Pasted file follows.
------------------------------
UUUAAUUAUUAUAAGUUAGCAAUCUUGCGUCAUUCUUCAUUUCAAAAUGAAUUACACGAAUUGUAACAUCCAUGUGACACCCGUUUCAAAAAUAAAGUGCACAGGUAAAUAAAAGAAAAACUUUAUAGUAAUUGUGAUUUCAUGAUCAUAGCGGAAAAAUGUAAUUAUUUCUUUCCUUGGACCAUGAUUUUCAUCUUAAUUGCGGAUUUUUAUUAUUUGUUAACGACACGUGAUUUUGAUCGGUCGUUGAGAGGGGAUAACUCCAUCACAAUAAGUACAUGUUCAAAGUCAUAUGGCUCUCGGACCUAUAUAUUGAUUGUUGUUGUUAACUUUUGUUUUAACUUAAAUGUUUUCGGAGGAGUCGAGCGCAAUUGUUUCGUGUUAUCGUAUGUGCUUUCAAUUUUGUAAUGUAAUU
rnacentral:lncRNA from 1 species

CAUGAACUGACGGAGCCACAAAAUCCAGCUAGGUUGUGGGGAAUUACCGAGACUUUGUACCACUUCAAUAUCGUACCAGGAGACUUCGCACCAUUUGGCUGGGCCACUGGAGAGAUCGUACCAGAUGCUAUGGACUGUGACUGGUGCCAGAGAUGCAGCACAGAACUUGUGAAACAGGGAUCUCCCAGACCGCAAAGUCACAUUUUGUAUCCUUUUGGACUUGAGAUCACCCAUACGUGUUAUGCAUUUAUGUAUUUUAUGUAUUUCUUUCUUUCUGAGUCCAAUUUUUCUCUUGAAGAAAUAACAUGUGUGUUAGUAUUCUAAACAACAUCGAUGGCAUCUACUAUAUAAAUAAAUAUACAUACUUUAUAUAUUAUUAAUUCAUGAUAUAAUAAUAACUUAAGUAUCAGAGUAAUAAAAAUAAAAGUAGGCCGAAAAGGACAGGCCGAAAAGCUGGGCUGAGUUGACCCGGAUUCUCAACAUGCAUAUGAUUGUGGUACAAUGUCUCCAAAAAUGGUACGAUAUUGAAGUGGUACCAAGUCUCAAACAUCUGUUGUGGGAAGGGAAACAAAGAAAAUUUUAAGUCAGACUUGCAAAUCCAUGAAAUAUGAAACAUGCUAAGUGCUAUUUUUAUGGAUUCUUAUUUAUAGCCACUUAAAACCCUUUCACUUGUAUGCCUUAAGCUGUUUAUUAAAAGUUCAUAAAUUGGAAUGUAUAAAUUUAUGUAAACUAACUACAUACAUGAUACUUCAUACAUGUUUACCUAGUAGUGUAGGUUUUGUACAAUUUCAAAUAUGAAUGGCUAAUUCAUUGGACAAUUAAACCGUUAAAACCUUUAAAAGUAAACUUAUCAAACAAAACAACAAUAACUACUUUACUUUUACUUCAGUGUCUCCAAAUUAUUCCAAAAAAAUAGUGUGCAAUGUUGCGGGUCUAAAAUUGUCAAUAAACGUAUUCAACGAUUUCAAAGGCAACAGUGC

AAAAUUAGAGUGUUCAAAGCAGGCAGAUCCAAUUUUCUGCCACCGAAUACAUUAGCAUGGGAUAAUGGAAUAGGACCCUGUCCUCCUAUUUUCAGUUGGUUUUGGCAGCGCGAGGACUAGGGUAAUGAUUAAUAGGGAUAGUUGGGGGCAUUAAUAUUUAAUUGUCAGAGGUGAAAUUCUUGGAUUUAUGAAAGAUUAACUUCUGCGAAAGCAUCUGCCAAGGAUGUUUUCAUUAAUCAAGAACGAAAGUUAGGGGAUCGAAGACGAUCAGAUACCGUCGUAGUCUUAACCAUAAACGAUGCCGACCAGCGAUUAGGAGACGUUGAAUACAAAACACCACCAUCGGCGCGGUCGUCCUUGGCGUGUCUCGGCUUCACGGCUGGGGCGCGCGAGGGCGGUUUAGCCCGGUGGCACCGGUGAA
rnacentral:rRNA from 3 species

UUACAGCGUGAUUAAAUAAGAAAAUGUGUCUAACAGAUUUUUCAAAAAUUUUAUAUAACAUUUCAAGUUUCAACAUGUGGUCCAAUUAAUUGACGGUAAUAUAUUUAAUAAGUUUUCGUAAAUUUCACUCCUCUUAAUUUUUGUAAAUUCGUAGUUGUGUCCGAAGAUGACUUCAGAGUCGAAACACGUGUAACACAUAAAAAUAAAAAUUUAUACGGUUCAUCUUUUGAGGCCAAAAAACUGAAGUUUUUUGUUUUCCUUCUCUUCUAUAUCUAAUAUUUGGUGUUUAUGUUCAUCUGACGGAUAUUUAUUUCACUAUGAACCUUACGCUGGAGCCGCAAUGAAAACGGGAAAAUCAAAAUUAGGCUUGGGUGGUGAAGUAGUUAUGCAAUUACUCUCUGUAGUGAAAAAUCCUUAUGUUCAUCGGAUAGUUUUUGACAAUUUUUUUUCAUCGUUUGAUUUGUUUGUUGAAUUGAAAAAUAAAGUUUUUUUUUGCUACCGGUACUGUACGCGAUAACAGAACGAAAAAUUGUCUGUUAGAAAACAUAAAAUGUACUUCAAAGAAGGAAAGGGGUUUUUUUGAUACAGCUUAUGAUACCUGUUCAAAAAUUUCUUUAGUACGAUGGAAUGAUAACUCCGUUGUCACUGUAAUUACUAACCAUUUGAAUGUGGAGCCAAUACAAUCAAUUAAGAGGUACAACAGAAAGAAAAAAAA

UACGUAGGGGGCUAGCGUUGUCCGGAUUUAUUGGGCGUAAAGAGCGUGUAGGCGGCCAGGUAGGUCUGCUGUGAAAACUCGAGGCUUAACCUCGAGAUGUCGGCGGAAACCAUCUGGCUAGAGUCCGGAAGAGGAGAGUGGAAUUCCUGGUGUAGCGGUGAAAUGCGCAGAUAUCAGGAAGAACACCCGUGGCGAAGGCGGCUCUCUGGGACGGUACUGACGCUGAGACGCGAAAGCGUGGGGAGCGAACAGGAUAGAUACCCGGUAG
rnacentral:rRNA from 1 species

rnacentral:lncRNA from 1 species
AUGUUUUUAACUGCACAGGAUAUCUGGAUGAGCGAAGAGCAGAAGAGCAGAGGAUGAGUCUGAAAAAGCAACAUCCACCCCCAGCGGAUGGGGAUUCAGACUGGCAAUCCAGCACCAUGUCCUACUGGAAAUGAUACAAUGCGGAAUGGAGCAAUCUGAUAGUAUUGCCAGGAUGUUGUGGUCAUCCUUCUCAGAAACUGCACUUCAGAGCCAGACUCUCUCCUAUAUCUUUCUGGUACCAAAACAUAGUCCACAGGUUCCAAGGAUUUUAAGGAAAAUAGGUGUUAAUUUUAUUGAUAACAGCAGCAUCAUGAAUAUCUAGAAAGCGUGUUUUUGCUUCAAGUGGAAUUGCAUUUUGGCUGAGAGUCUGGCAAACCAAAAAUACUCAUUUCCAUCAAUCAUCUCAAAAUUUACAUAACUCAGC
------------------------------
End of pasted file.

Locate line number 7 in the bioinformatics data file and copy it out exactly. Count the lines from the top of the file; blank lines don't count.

UACGUAGGGGGCUAGCGUUGUCCGGAUUUAUUGGGCGUAAAGAGCGUGUAGGCGGCCAGGUAGGUCUGCUGUGAAAACUCGAGGCUUAACCUCGAGAUGUCGGCGGAAACCAUCUGGCUAGAGUCCGGAAGAGGAGAGUGGAAUUCCUGGUGUAGCGGUGAAAUGCGCAGAUAUCAGGAAGAACACCCGUGGCGAAGGCGGCUCUCUGGGACGGUACUGACGCUGAGACGCGAAAGCGUGGGGAGCGAACAGGAUAGAUACCCGGUAG